Ready to Wear

Location and Working Hours
Open daily 11:00-19:00 Monday and Sunday Closed
Diego Bianchi.
16. Sep 04. Nov. 2023 11 - 19

Ready to Wear: Diego BIanchi

On an initiatory journey, a threshold is crossed to reach an alternate reality where a vision of our world is revealed to us.


Crossing the threshold of any Diego Bianchi exhibition is never as simple as opening a door and entering. The spectator must overcome an obstacle: a ramp that must be climbed, a bar that forces him to crouch, a set of stones at the end of a staircase or a labyrinth inside a gallery; thresholds that disarm the spectator’s passivity and symbolically expose him to everyday frustrations, to prepare him physically and emotionally for what he is going to face. The use of the threshold as a work shifts the focus of attention towards the viewer. As in Marina Abramovic’s Imponderabilia (1977), when she and her partner flanked the entrance to a gallery naked, forcing viewers to brush against their bodies. In Bianchi’s words, “I think about the public, about awakening the public’s perception, about disconcerting them, in some way, to stimulate their way of reading things.” Its purpose is that the visitor does not leave the same as they entered.

The alternate reality

Once the viewer has left behind his preconceived idea of ​​what art is, he is able to unravel the laws that organize Bianchi’s alternate reality, where beauty is not synonymous with harmony. Bianchi was never a young artist, he trained in graphic design and his first approach to art was through photography, recording corners of Buenos Aires where chance created artistic installations (a tree growing between the iron bars of a fence or a wall coated that looks like a Keith Haring drawing). That’s why it was natural that I went from collecting corners to collecting objects, things that once shared someone’s experience, their intimacy, and that ended up being discarded without regrets. Bianchi feels empathy for these objects, “as if they were lost pets,” and rescues them “in the hope of being able to redeem them.”

Marcel Duchamp was one of the first to conceive the idea that a work could be found among the everyday objects that surround us, it was enough to give it that frame. But unlike Duchamp, who found “ready works” (that’s why they are called ready-mades), for Bianchi the objects are not the work but the material with which it will be built and, for this reason, he is closer to Thomas Hirschorn than conceptual art.

They both started in graphic design and approached art after their thirties. Both, with humor and provocation, work with everyday objects that lack value, with the ruins of civilization. According to Hirschorn, “today we live in a time of incredible growth in contemporary ruins.” The achievement of both is to have reversed the passage of time, transforming ruin into creation, reordering the entropy of our world. “In my work,” says Bianchi, “there is a lot of diagramming, there are many laws, many serializations.”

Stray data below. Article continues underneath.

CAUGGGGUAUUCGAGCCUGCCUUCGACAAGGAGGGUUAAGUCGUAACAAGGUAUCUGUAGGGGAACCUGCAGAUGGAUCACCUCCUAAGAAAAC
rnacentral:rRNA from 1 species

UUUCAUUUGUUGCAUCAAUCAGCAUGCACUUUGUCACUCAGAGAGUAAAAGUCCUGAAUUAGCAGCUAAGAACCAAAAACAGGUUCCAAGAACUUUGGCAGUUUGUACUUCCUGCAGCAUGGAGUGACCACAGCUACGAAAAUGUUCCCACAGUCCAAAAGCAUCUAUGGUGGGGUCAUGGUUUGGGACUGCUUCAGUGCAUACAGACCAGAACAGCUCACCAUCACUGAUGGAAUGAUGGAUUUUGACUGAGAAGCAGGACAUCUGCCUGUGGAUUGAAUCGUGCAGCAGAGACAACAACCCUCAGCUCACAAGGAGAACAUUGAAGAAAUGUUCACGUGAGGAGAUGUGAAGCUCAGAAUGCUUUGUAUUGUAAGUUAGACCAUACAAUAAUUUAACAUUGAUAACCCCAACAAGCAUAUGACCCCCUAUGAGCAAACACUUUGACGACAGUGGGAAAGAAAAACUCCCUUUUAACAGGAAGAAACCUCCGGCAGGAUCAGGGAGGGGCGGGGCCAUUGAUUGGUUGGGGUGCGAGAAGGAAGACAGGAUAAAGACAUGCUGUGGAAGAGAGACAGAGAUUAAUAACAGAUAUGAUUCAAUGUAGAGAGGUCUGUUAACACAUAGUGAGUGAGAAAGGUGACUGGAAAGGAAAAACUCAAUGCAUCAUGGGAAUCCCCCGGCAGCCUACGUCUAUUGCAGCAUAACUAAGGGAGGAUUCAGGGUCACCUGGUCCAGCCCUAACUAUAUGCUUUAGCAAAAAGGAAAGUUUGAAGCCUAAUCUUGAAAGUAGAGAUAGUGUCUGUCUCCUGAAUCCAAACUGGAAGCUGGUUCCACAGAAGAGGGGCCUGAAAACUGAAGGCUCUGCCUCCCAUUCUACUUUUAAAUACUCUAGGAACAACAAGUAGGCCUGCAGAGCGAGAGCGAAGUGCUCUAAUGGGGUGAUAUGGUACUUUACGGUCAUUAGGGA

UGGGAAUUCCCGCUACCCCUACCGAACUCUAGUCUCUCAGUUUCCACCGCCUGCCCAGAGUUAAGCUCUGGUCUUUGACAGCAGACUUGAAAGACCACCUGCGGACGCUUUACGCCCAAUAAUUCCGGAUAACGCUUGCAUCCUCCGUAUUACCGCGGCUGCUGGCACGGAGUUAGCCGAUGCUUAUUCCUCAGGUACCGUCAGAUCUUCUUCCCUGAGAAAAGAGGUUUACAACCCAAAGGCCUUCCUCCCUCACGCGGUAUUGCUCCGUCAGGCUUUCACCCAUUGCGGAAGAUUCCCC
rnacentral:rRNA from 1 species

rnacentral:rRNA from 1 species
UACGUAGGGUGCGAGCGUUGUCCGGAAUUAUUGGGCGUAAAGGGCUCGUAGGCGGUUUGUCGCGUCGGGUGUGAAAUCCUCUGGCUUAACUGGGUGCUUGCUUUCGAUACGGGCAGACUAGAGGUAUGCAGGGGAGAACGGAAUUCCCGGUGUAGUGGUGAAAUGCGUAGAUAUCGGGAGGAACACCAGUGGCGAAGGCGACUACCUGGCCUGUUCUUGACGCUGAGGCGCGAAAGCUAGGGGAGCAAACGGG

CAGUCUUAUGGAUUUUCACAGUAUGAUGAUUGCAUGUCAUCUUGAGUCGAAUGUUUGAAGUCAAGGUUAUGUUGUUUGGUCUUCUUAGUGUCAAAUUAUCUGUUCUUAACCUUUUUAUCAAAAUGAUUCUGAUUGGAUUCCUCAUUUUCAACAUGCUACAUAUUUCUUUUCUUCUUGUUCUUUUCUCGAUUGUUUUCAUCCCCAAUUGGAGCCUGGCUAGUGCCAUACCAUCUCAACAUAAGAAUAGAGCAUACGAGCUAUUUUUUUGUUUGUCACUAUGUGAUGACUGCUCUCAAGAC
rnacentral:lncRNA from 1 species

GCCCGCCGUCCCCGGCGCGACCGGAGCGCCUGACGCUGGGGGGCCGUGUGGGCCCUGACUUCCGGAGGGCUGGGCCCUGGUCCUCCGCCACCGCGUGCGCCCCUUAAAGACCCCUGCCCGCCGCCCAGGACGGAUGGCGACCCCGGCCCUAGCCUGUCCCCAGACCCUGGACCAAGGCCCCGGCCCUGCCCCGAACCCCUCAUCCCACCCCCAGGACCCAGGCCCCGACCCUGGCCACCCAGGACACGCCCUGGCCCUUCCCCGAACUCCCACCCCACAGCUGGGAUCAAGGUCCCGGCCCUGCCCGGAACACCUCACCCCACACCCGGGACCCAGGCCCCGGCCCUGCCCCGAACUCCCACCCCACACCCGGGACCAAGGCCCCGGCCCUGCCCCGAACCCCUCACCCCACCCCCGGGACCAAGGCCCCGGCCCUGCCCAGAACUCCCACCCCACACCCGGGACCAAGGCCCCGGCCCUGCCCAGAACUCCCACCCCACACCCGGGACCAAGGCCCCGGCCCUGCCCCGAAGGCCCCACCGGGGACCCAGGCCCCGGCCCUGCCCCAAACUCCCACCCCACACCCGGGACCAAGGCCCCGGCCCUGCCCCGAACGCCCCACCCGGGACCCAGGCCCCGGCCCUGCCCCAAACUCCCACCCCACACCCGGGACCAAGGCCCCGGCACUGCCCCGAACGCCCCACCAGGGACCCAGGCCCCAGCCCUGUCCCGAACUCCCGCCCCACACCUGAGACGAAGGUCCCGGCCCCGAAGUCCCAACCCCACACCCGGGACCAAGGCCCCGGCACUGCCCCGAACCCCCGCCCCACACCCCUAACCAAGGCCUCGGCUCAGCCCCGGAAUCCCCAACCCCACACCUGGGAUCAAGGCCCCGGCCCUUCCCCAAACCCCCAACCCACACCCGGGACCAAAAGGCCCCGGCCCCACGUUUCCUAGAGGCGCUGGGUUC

In one work, six legs and an exhaust pipe seem to have fun. In another, a leg, with an elegant black shoe, merges with the gas tank of a car. There are no pure and clean forms, but fragments of objects and bodies that make up new organisms. For Freud, there are two forms of the uncanny: when something that should not move moves and when a human body does not move. Bianchi plays with both aspects, blurring the limits between the appearance of organic and inorganic matter, forcing us to reflect on how much of a part of our own body the objects that surround us are. Then, those humanoid machines and mechanized humans take on a chilling familiarity. “I like to use bodies as objects,” he notes, and he likes to use objects as bodies. Paraphrasing Pablo Schanton, Bianchi’s work embodies the sculptures and sculpturizes the bodies. The night we met with Bianchi to talk about this exhibition, while we were walking through the center of Santiago, he suddenly noticed the small arm of a doll on the ground, without its body; He took it as if it were a wounded bird, with affection, and put it in his pocket with the certainty that it would give it a new life among one of his works.

The vision

Does Bianchi dream of the art that will come after the apocalypse? Faced with his work, it is inevitable to think of the mythological bestiary that appears in Hieronymus Bosch’s The Garden of Earthly Delights, as if Bianchi transformed these beings with multiple limbs into the figures of a technological bestiary. Bianchi’s post-apocalyptic scene is cluttered with industrial waste (cables, keyboards, car parts, shoes, putty, latex, foam, etc.), but his work is not a desperate lament about the apocalyptic future to which we are heading, but, On the contrary, it is rather a hymn to a hopeful post-apocalyptic era. When there is nothing left but a shattered civilization, an overabundance of useless objects scattered over the face of the earth, posthumans will make art with the remains they find. And it will be an optimistic art. And it will be an art very similar to the works of Diego Bianchi.

Alan Meller, 2023